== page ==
Meet Ashely Adams

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An Interview with Ashely Adams

Rum Punch Press: Your background is very interesting. How has your BS in Wildlife Biology and posts with the U.S. Forest Service and the National Park Service influenced your writing and the topics that you explore?

Ashely Adams: This is an interesting question because I feel like I’ve only recently come to realize how much my science background has affected my writing. In many ways, I’m still working on answering that for myself. I love writing about the natural sciences, and being entrenched in that world obviously spurred my interest in those topics. I think there are also subtler influences. Research was obviously a huge part of my undergraduate and work experience, and while I know that’s not an exclusive STEM skill, I feel as if it’s really become reflexive to my writing experience. Not only does it make for better writing, but I genuinely enjoy it. I got to go down so many unexpected rabbit holes just in this short piece. I also have a lot of practice with the terminology of the science world. For me, it’s not just something that will make an interesting essay, but a part of my everyday vernacular. My friends and family can attest to my love for spouting off pieces of trivia (for better or worse).

RP: We love this paragraph: “Spinosaurus stars in action movies terrorizing T-rex and humans alike. Museum dioramas filled with fiberglass display bones. It sits on a child’s shelf, a monster in miniature, resting hominid fashion thanks to new, rotatable legs. The sail is so satisfying for toddlers to nibble on, cutting their advanced, heterodontic teeth. The first testings of their own evolutionary progress.”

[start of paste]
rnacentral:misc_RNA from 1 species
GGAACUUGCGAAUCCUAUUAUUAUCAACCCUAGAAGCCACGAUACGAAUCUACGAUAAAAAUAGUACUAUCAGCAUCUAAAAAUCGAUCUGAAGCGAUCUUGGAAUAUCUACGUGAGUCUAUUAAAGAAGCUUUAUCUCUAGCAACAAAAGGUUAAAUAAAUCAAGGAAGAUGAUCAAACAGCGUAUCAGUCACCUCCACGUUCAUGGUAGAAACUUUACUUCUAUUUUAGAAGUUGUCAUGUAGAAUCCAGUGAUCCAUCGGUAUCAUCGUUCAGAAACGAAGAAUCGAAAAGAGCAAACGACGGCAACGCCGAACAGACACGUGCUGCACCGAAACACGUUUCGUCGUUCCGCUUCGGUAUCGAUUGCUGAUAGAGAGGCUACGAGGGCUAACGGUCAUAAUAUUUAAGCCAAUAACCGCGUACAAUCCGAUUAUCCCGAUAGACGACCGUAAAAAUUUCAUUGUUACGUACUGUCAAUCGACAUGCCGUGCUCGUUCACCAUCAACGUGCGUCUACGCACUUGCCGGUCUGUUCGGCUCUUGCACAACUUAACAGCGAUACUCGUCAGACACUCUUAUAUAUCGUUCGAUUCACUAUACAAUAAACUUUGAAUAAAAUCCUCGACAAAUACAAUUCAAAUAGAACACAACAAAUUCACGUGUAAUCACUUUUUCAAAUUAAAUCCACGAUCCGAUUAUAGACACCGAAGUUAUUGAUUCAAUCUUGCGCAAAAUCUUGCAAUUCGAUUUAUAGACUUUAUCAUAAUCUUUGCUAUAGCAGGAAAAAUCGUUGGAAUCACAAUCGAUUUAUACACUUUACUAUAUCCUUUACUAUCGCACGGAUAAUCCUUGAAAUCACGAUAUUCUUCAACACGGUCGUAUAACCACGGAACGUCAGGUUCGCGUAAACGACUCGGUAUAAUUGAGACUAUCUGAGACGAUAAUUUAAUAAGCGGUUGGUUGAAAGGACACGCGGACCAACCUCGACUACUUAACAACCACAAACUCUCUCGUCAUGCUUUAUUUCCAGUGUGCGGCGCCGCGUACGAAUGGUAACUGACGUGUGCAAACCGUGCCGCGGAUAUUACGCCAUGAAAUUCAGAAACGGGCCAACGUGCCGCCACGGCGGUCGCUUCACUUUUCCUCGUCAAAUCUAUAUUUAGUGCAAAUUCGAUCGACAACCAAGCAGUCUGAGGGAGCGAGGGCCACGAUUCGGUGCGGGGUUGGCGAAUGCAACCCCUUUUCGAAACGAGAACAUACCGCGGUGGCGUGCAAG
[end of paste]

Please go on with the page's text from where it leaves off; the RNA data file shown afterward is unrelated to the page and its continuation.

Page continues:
What is it about about dinosaurs and the idea of prehistory that holds such fascination for writers and filmmakers? Was there a particular cultural touchstone that ignited your interest in the subject as a writer?

AA: First off, I’m so happy you enjoyed that paragraph. I’d been itching to use the word “heterodontic” in something.

As for why artists love dinosaurs, I suspect their reasons are pretty similar to mine. They’re surrounded by such mystery. What they looked like, how they sounded, how they acted. Over ninety-nine percent of all life that ever existed died without leaving any trace, so we’ll never get the full story. The little we do know is incredibly fascinating. It’s a bit of a cliche by this point to say, but not even the most imaginative sci-fi writer could come up dinosaurs and their sheer diversity.

Dinosaurs and writing have always been tied pretty closely together for me. I can’t imagine this will come as a surprise to anyone, but Jurassic Park was really the kickstarter for this obsession. I watched it when it was first released on VHS as a very young child. My parents weren’t planning on letting me watch, thinking I’d be frightened, but I snuck out from my room and watched the whole thing from behind the couch and ended up loving it. Afterwards, I started getting all the dinosaur toys I could, acting out these political dramas between the herbivorous and carnivorous dinosaurs. It was like Game of Thrones if acted out by a seven-year-old with dinosaur toys (and less gratuitous violence and nudity).

RP: What is your current area of fascination? As a writer, what subject matter is keeping you up at night?

AA: I’m still very interested in prehistoric life. I think there could be room for more dinosaur pieces in the future. I’d love to write about the Cambrian period. During the Cambrian, multi-cellular life really started kicking off and the body plans are absolutely off the wall. Seriously, Google Anomalocaris, Opabinia, or Hallucigenia. In addition, I’m really into astronomy. I’ve always really loved the field, but the New Horizons mission has really pushed me to explore this subject as a writer.

RP: We love your writing–where can we read more of your work?

AA: I had a poem recently published in Foliate Oak Literary Magazine called “A Study in White-Nose Syndrome Mortality”. I also got a short story picked up at Flyway called “Observation Bias”. So if you like bummer poems about bats or octopus ruining experiments, they might be worth checking out. I also was a fiction/non-fiction associate editor over at Passages North so you’ll find me lurking in the “Notes from Crew Quarters” segments.

Thank you so much to Rum Punch Press for giving my writing a home. This essay was the first piece I ever got published and I have a Spinosaurus-sized gratitude for that.